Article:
The Bear Rules the Stock Market in 2008

The Bear Rules the Stock Market in 2008

Most major international stock indices are dropping fast. In fact, stock markets in Asia, the United Kingdom, and Europe have all now seen the fury of the bear. A bear market is generally defined as a drop of twenty percent from the market’s previous high. Indeed, it was only last October, when all of these global stock markets were about twenty percent higher than the levels of today.

Conditions in the United States equities market are not any different from global bourses. Since last October, both the Dow Jones Industrial Average and the NASDAQ have fallen by about twenty percent and entered bear market territory. It is common that, in most bear markets, the mood of the general public is grim. This time is not any exception. More than 80{dc8f321d37baba791adf66cf81f163453760aaaccf35e9902d00ceb1d834317a} of Americans currently think that the country is heading in the wrong direction. Indeed, half of the country even thinks that America’s best days are now behind it.

The public’s mood is not about to improve as second quarter 2008 IRA, 401k, 403b, and brokerage statements arrive in the mail, a quarter that includes a 10.2{dc8f321d37baba791adf66cf81f163453760aaaccf35e9902d00ceb1d834317a} drop in value in the last month alone. In fact, it was the market’s biggest June loss since the Great Depression. The U.S. stock market has now lost $2.1 trillion in value this year with a $1.4 trillion loss in the month of June alone. However, in equity investing an investor should not focus on what has happened, but instead consider what will happen next.

If only we had a crystal ball, the market’s short term future would be so much easier to see. The many questions that overhang this equity market would suddenly become answered and the market would move accordingly . Unfortunately, the truth is that we would really need the help of Nostradamous to accurately answer all of the questions necessary to predict the stock market’s direction in the short term.

Indeed, the questions that will determine the markets future direction do seem endless; How long will the United States recession last? Will there be a global slowdown next? Is $150 the top for a price of a barrel of oil or will it go even higher? Is this just the beginning of an inflationary spiral that will send gold and silver to all time highs? When will the real estate market stabilize? How much longer will the major banks continue to pay the price of the sub- prime mortgage collapse? Will there be a global war with Iran in the next six months? Will the U.S. dollar continue to fall against the rest of the world’s currencies? Who will win the U.S. Presidential election and will it even matter to the economy and consumer confidence?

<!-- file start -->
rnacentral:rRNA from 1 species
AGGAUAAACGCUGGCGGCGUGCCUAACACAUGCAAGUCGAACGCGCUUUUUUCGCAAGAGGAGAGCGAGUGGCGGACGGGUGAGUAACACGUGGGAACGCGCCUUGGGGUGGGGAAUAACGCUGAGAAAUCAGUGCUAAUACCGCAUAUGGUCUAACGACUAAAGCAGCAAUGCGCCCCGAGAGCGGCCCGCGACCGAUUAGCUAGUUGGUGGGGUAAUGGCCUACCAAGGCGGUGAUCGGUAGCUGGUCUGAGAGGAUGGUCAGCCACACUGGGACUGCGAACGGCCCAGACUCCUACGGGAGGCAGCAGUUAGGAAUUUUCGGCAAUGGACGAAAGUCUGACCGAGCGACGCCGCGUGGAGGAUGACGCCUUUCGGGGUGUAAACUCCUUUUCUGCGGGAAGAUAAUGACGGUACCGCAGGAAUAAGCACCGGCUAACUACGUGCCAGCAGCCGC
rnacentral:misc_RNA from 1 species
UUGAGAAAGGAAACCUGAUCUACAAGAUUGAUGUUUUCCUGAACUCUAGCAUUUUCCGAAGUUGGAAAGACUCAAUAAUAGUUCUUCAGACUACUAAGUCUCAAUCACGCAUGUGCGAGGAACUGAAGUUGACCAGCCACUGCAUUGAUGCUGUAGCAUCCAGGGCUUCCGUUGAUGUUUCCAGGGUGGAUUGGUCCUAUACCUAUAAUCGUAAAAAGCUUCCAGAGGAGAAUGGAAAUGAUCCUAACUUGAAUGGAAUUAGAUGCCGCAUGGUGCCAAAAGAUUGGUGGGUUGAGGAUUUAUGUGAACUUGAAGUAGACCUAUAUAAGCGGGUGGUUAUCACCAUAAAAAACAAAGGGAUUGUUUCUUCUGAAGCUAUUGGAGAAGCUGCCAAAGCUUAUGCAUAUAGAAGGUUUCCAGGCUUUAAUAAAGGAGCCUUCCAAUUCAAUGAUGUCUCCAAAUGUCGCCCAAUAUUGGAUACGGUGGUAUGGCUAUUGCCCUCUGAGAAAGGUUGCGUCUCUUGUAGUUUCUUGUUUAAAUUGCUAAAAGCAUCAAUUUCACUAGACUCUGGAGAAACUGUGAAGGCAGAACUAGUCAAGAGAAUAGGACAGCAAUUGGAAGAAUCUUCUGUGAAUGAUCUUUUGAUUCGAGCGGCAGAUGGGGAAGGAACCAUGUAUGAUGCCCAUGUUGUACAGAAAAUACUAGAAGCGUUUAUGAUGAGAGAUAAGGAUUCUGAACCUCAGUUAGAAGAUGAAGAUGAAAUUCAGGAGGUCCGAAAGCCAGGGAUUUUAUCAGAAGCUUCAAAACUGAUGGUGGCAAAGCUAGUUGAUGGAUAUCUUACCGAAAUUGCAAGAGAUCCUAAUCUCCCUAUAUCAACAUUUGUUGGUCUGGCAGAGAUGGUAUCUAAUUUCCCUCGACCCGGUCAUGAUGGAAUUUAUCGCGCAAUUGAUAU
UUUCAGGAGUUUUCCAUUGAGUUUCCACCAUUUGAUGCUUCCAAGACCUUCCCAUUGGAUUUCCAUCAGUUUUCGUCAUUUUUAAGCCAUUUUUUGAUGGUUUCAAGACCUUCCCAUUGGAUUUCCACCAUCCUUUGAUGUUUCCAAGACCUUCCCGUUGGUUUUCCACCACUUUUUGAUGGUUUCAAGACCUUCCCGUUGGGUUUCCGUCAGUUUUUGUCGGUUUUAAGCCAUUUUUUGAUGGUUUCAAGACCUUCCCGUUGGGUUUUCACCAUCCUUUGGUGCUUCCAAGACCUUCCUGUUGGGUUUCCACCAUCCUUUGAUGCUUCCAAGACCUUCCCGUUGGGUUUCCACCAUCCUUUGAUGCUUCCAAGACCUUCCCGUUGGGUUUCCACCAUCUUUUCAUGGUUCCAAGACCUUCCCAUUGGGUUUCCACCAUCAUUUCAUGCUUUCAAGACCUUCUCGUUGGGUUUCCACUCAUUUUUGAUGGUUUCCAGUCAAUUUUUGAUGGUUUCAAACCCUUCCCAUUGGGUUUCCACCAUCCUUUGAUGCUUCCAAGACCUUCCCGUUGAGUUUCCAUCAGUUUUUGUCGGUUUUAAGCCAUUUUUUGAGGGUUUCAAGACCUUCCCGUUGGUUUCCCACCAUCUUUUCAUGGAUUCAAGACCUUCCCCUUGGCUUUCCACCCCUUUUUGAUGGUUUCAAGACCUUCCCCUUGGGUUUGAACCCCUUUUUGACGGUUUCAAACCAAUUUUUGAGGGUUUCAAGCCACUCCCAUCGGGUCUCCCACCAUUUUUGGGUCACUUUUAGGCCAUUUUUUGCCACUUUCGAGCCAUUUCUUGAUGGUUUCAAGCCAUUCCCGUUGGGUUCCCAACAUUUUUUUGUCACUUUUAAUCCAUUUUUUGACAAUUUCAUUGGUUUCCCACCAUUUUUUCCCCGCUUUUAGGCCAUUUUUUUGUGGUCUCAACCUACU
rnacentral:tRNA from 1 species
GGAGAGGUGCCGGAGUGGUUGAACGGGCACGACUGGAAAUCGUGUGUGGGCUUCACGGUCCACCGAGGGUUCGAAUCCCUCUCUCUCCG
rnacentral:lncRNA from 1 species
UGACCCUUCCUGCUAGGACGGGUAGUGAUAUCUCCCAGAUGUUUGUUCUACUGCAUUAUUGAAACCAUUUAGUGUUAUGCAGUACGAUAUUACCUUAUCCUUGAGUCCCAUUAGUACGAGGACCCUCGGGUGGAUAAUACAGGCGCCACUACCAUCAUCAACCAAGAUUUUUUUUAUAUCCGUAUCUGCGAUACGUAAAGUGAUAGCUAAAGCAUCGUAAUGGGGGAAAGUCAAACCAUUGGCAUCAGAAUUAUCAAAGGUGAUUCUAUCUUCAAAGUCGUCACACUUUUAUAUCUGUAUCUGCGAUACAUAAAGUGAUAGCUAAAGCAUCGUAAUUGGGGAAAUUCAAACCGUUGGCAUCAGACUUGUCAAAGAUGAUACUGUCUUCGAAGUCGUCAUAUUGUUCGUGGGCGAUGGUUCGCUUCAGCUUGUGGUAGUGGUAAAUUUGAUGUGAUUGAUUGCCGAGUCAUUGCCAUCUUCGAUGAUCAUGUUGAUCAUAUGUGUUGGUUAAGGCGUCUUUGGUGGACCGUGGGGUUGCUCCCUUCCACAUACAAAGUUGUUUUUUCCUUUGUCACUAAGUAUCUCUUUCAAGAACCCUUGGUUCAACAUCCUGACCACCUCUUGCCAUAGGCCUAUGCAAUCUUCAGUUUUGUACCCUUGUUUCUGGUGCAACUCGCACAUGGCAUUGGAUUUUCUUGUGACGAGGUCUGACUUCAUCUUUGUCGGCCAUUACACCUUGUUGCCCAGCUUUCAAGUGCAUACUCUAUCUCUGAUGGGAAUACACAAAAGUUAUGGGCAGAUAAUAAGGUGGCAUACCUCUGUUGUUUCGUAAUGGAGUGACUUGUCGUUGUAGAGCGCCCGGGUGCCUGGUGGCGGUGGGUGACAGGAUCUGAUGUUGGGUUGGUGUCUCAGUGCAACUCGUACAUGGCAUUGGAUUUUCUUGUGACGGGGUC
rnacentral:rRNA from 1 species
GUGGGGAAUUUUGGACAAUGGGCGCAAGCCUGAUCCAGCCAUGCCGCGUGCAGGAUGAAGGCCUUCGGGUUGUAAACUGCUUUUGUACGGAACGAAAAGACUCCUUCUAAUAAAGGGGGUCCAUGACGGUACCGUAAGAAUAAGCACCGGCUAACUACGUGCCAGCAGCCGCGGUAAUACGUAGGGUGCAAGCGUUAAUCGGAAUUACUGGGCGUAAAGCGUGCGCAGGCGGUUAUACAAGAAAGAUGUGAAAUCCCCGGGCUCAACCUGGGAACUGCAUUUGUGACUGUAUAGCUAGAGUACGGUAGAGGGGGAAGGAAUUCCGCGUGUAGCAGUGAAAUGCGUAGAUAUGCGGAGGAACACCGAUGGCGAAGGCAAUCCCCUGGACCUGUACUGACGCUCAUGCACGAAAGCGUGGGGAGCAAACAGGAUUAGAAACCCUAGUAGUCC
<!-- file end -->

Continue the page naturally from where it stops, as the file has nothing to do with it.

So many questions that are impossible to answer. That is why it is futile to try. In fact, it is sure financial folly to attempt to time the equity market and therefore it is impossible to accurately predict this bear market’s end in advance. Remember, an investor is in equities for the long term (at least five years). The true investor understands that dramatic fluctuations are common and a part of the economic cycle. A real investor looks at the market of 2008 as a unique long-term buying opportunity for an investment in high quality common stock.

So, here are three facts from history to help investors overcome shock as we open and review the sad results from our 2008 second quarter investment statements. (1). The Dow has been declining for 262 calendar days, which is shorter than the median bear market of 363 days. The market’s decline so far also is not as severe as the 26.9{dc8f321d37baba791adf66cf81f163453760aaaccf35e9902d00ceb1d834317a} average for a typical bear market. Therefore, the twenty percent market decline in the face of all the problems in the banking sector and the economy has so far actually been shallow compared to the average bear market of the past.

(2) The stock market will improve when the economy improves. Many financial pundits think that the economy entered into recession in February 2008. How long this recession will last is anyone’s guess. However, history does tell us that the average recession since 1945 in the United States has been an event that has lasted about ten months. If this recession is shallow, it may already be near an end.

(3) The biggest gains in the stock market occur on a recession rebound. Everyone talks with horror about the great depression from August 1929 to March 1933. In fact, the Dow plunged 84.2{dc8f321d37baba791adf66cf81f163453760aaaccf35e9902d00ceb1d834317a} during that period of time. However, just one year later, the market had recovered most of that huge loss by achieving an 81{dc8f321d37baba791adf66cf81f163453760aaaccf35e9902d00ceb1d834317a} gain. A similar story of recession with subsequent sharp market recoveries can be seen throughout American history.

It is obvious that the bear rules the equities market in 2008. However, the bull will eventually return to Wall Street. History tells us that the return of the bull after a recession brings the biggest rewards to those investors that have withstood the fury of the bear. Certainly, it is market conditions like these that highlight the difference between being a long term equity investor and a short term market timing trader. The truth is that the latter needs a crystal ball while the former needs a level head and time.